News & Media


Martin on right track for another Daytona pole

February 12, 2011, Sporting News Wire Service, NASCAR.com

DAYTONA BEACH, Fla. -- Wins both pre-qualifying practices as NASCAR tries to slow cars down

Mark Martin hopes to recapture the magic that propelled him to a second-place Cup Series points finish in 2009.

Clearly, he's on the right track.

Daytona 500

Practice 2
Pos.DriverSpeed
2.Jimmie Johnson184.991
3.Jeff Burton184.763
4.Trevor Bayne184.763
5.Paul Menard184.699

Martin, who won the pole for the Daytona 500 last year, led both Cup practice sessions Saturday at Daytona International Speedway in sessions limited to single-car runs, as drivers prepared for Sunday's time trials at the 2.5-mile superspeedway.

Qualifying is scheduled to begin at 1:05 p.m. ET.

With a top speed of 185.311 mph in the second session, Martin was the only driver to exceed 185 mph in either practice. Apparently, a change in crew chiefs from Alan Gustafson to Lance McGrew hasn't slowed the 52-year-old driver.

"Magic is sort of intangible," Martin said. "It's not something you can reach out and touch. We had magic going on in 2009, and we had magic going on in 1998 [when Martin finished second in points to Jeff Gordon], and I am aware of it.

"I'm working hard to try to create it and maintain it through 2011 with Lance and my team."

Recapturing the magic, however, doesn't mean contemplating back-to-back poles for the 500. That's not in Martin's chemistry.

"I'm not even thinking about that," Martin said. "I can't think about it. You never know at this place with the wind and the sunshine ... you just don't know. We go out early [sixth], and I'm not going to think about the pole and worry about getting it until there's only about three or four cars left."

Jamie McMurray, last year's Daytona 500 winner, cut a tire as he sped into Turn 1 with about 10 minutes left in the first practice session and scraped the wall with his No. 1 Chevrolet. McMurray had just started to run a high line when the accident occurred.

"It looked like we ran over something on the race track, and that's what cut the tire down," McMurray said. "Fortunately, though, you're on your first lap so high that we were right against the wall, and it did minimal damage to the car.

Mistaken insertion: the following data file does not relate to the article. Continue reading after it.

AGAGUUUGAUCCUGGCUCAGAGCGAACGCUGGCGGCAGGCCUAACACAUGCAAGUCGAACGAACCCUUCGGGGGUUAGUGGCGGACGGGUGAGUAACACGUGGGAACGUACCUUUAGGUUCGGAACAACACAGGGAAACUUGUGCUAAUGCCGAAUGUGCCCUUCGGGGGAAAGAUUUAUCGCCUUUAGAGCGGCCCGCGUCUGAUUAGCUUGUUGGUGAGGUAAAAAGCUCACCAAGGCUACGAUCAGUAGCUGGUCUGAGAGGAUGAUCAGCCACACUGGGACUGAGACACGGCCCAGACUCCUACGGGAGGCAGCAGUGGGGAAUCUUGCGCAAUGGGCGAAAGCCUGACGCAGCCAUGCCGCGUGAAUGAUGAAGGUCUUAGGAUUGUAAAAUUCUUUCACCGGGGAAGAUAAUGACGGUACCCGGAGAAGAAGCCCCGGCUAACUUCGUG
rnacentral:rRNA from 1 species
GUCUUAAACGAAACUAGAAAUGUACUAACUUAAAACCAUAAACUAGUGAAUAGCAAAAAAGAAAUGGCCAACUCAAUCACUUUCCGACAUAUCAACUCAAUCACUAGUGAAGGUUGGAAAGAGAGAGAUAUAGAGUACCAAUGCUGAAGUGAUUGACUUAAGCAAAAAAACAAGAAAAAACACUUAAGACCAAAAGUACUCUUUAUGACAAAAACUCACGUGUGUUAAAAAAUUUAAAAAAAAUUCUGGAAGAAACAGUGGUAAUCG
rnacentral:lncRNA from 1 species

"But they still have to take it home and put a new side on it and get it fixed up. It's not tore up near as bad as it could be."

Nevertheless, McMurray's team unloaded a backup car, which he'll race in the Daytona 500. The backup is the same car McMurray raced to a second-place finish behind Kevin Harvick at Talladega last April.

NASCAR made a competition change Saturday morning that should limit the number of consecutive laps Cup cars can run in two-car hookups before swapping positions, NASCAR spokesman Kerry Tharp said.

"We told them to remove an auxiliary air hose, which provides more cool air to the engines," Tharp said.

With Joey Logano topping the speed chart at 203.087 mph in Friday night's practice for the Shootout, NASCAR opted for the change. The result will be the car that is pushing in a two-car draft will tend to overheat more quickly, forcing the cars to break apart and swap positions sooner than they have been in practice.

Dale Earnhardt Jr. said Friday night that two cars could run together for three to five laps before having to separate and swap positions. The removal of the auxiliary hose will reduce that number.

Qualifying for the Daytona 500 is unique, with only the top two drivers locked into their starting positions. The time trials, however, help set the starting order for Thursday's Gatorade Duel 150 qualifying races, which will fill out the starting grid.

Denny Hamlin must start from the rear in his Duel after blowing and changing an engine during Saturday's practice. Should Hamlin win a front-row spot during Sunday's time trials, he would still start from the front row in the 500.

Drivers drew lots for Sunday's qualifying order. Brad Keselowski will go out first, with McMurray 14th. Starting with the Feb. 27 race at Phoenix, NASCAR will set qualifying order based on practice speeds (the average of the top speeds in prequalifying sessions).